Skyrocketing salaries at the top of the 1st round and the increasing importance of salary cap management has devalued picks near the top of the round.
The speed of the rise has been staggering, far outpacing the rise in the salary cap. In 2003, Carson Palmer was guaranteed about $16M, a lot of money but not altogether unreasonable considering his potential. By 2007, JaMarcus Russell was guaranteed $29M. Last year, Jake Long was guaranteed about $30M. The cost of the 1st round prospects drops dramatically throughout the round until it ends at less than 20% of the cost of the top pick by round's end.
Even at the top of the draft, these players are prospects. Over the past decade, five out of ten top overall picks were complete misses with a couple others highly debatable. Yet every one of these prospects drafted at the top of the draft is paid as a franchise player. Only one of these overall #1 choices, Peyton Manning, actually turned the team that drafted him into a perennial contender.
Making a mistake at the top now can handcuff a team and mess up their salary structure for years.
Looking at the mock drafts for this year, I'd much rather be picking somewhere between 10-15 than in the 1-3 range. This comes down to trying to value cost versus risk/potential. The cost associated with the top picks is far too high in relation to risk/potential, especially considering the historic production of players taken with those picks. Players taken in the 8-15 range are not that much less successful than the players taken at the top...but the cost is far lower, meaning a mistake won't cripple the team while also leaving more money to address other needs.
Colts' president Bill Polian captured the problem exactly around the time of last year's draft. He said, "The value of the draft has priced itself out of existence. The idea that the worst team would get help from a good player or players is out the window because you are saddled in salary cap Hell if the guy is anything but an almost immediate Pro Bowler." Polian estimated that about 50% of picks at the top don't pan out. That looks about right. So, the Russian Roulette analogy is a little off, picking at the top of the draft is more like playing Russian Roulette with three bullets. You might win, but the cost of losing is absurdly high. And even if you do win, you are paying the player essentially what he is worth as opposed to a team that strikes it big later in the round. That team gets a much bigger return on their investment.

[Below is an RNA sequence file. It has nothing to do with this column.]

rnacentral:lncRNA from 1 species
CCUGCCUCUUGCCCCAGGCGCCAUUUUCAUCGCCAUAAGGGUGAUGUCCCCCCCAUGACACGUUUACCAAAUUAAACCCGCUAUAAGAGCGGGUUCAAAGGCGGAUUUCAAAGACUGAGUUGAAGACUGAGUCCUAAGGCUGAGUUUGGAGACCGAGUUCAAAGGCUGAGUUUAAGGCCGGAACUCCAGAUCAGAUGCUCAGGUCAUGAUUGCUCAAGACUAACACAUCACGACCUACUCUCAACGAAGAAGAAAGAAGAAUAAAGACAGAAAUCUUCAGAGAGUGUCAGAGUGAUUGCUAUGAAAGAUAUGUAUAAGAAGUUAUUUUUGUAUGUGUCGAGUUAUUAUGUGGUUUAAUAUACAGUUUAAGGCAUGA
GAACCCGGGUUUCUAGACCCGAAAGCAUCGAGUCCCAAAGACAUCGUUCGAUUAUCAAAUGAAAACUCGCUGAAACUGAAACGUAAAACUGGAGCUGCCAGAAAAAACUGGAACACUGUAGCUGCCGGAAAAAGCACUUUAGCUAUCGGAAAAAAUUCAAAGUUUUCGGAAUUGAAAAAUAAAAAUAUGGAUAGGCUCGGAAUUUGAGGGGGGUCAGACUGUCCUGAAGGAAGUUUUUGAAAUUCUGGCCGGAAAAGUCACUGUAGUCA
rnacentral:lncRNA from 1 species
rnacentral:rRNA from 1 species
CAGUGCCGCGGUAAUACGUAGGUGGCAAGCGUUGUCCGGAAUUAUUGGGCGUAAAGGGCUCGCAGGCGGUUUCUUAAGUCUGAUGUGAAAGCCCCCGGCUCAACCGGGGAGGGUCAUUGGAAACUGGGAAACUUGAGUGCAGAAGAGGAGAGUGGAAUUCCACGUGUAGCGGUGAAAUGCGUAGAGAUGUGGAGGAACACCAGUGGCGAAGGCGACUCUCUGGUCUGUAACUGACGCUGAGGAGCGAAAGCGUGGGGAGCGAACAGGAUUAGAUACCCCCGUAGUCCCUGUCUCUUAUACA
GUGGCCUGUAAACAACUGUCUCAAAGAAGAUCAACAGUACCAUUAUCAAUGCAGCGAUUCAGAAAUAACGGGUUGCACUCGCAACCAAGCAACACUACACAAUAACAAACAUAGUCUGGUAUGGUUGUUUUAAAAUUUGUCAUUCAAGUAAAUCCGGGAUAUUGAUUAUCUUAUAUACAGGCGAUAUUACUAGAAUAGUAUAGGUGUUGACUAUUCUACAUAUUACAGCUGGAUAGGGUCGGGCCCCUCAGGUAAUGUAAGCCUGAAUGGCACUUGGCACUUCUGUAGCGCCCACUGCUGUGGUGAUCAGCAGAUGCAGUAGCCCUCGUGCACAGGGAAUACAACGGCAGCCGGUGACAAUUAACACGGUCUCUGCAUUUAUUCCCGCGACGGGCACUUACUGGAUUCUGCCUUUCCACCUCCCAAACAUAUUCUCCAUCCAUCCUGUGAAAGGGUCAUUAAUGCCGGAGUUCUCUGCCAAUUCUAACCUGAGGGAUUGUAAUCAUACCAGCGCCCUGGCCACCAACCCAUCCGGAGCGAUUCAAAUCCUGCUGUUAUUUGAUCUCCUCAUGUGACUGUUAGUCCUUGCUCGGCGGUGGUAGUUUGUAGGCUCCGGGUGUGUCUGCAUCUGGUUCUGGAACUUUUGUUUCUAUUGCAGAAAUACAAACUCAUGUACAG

Looking at some of the mock drafts for 2009, I'd much rather be Washington drafting tackle Michael Oher at 13 than Detroit drafting tackle Andre Smith first overall. Will Smith be the better player? Likely, although that is far from certain. But, the savings between the draft positions gives the Redskins far more flexibility to address other areas and resign key veterans. At some point, the drop in cost no longer offsets the drop in potential/risk. I think that happens somewhere around the 12th pick, though it might in fact be even later. I suspect the ideal draft spots based upon balancing all these factors are in the range of 8 - 12. This is why teams like the Steelers, Eagles, and Patriots can draft relatively late year after year without seeing much, if any, decline.
Looking at the Steelers' key players, not a single one came from the top of the first round. Out of those current starters that were drafted in the first round by the Steelers, most came from the middle to the bottom of that round....Ben Roethlisberger (position #11), Troy Polamalu (#16), Casey Hampton (#19), Santonio Holmes (#25), Heath Miller (#30), Kendall Simmons (#30). Lawrence Timmons (#15) will likely start next year with Rashard Mendenhall (#23) seeing increased playing time. Their highest drafted player was James Farrior, drafted by the Jets at #8. Several of their key players weren't drafted until later rounds, if at all (James Harrison, Ryan Clark, and Willie Parker were undrafted).
For those of you who have to wait a long time on draft day to hear your team draft the new savior of the franchise, this is worth keeping in mind.